Slow economy hasn’t dried up Mesa County residents’ thirst for coffee

Co-owner Roni Welsh works the drive-up window at Morning Mission Coffee, 502 Hwy 6&50 in Fruita.



The slow economy hasn’t dried up Mesa County residents’ thirst for coffee, according to local shop owners and supply distributors.

Some coffee businesses are even expanding.

Dan and Roni Welsh, the owners of Colorado Legacy Coffee, opened their operation in the Grand Valley five years ago after they decided to move from Oregon on a whim when their recreational vehicle broke down at a festival in Fruita.

“Our numbers are up, and we haven’t lost a coffee account in the last 13 or 14 months due to the economy,” Roni Welsh aid.

They opened a drive-through coffee stand in Fruita, Morning Mission Coffee, earlier this month, and they said business has been strong. They also own Aspen Street Coffee, 136 E. Aspen Ave in Fruita, and have a retail and distribution shop at 1048 Independent Ave., Suite A105.

“In the midst of this horrible economy we opened our second retail location, and we’ve had a great first week,” Welsh said.

Dan Welsh added, “We’re going to do a couple more drive-throughs in Grand Junction.”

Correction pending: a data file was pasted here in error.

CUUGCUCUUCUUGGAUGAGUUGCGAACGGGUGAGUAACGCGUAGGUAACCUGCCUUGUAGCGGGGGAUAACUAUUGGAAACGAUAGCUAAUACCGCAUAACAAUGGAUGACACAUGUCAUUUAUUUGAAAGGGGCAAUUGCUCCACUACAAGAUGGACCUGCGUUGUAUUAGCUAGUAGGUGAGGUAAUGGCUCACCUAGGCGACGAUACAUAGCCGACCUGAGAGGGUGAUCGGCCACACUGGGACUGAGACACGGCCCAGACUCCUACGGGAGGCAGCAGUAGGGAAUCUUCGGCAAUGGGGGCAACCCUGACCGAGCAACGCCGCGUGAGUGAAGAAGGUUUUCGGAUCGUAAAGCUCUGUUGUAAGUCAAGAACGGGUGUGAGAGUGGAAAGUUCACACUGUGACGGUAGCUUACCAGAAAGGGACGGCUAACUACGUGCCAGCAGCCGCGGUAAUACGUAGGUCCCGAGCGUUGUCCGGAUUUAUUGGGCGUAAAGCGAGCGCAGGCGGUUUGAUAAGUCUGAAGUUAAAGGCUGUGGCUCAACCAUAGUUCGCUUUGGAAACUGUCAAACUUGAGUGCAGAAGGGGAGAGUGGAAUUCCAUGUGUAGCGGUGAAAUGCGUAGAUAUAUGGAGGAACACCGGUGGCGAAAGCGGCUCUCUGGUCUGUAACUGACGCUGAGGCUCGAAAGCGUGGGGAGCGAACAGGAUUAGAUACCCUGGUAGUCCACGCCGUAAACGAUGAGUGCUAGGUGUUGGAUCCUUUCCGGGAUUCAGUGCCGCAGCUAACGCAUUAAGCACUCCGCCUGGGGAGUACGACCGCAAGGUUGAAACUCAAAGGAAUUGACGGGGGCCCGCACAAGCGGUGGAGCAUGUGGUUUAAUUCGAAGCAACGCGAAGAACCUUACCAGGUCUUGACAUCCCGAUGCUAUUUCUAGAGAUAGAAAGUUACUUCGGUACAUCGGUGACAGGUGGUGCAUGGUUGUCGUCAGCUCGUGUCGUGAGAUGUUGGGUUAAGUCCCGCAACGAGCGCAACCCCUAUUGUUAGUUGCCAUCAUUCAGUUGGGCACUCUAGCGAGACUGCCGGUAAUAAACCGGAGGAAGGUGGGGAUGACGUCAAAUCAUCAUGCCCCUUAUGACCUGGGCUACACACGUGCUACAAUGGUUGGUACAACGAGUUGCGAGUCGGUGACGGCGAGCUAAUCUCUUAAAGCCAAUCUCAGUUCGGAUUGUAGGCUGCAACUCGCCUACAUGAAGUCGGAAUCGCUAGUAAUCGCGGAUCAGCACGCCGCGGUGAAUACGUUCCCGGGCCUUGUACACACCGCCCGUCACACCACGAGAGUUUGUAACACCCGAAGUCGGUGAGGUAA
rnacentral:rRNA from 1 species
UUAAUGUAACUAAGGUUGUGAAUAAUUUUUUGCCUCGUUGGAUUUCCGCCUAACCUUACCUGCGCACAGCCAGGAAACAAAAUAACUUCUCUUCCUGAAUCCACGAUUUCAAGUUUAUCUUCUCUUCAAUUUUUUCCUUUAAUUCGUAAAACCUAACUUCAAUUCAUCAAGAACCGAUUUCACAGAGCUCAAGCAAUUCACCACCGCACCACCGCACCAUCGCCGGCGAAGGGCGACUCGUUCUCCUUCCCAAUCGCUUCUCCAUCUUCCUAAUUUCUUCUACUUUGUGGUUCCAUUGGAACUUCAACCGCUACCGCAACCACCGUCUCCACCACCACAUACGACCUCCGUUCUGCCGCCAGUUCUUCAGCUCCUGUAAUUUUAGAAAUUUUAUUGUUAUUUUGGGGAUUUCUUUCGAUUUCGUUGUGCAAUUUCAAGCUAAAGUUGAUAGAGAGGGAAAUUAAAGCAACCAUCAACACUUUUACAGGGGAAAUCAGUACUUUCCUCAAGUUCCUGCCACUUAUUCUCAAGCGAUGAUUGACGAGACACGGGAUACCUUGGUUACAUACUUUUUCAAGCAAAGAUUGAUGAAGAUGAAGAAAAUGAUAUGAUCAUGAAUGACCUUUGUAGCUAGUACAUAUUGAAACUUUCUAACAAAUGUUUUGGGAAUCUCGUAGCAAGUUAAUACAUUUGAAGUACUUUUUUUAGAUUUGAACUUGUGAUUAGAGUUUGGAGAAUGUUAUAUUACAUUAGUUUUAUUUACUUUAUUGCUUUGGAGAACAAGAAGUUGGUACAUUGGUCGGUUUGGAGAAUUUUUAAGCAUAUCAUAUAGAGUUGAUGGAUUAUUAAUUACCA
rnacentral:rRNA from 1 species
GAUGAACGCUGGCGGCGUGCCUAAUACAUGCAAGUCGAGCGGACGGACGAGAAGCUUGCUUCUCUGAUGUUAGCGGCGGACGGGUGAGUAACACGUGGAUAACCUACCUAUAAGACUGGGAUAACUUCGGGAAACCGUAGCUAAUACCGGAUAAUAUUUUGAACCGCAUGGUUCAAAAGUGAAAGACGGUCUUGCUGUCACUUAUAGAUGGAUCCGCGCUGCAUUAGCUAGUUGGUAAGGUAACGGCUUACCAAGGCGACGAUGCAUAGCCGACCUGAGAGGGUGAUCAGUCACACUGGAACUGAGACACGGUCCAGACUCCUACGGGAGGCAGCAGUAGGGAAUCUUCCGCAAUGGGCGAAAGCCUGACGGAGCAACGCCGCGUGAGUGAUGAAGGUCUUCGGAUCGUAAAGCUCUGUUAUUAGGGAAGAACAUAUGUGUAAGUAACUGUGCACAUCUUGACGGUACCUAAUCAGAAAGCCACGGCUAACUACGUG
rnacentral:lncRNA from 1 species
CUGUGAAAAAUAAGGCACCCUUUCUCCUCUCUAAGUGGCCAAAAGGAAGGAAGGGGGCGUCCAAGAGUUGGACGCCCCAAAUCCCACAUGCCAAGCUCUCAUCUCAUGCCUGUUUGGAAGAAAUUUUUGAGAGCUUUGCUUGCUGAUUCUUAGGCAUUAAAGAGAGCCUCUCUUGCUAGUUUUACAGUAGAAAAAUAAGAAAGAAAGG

In Seattle, drive-through coffee shops are common, and they are what the Welshes are modeling their shops after. Customers in Seattle can buy cups as large as 32 ounces that can have as many as six shots of espresso, Roni Welsh said. They were surprised during visits to Colorado that there were no stands like they were used to in the Northwest.

The Welshes said their business owes a thank-you to another business from the Northwest, Starbucks. They said Starbucks helped educate Grand Valley residents about what good coffee tastes like and made them comfortable with the price.

“We clearly understand that we wouldn’t be here if Starbucks hadn’t come,” Dan Welsh said.
Steve Jarrett, the branch manager of Farmer Bros. Coffee, 2848 Chipeta Ave., agrees that customers have higher expectations.

“In the past the mentality was coffee’s coffee. I think they’re finding out that’s not true,” Jarrett said, adding, “The palate of the general population has gotten better.”

Farmer Bros., a California-based company, supplies coffee to restaurants and convenience stores. Jarrett said sales have still been good, except for at gas stations that were on routes frequented by oil and gas workers.

“The normal coffee drinker doesn’t stop drinking coffee just because of the economy,” he said.


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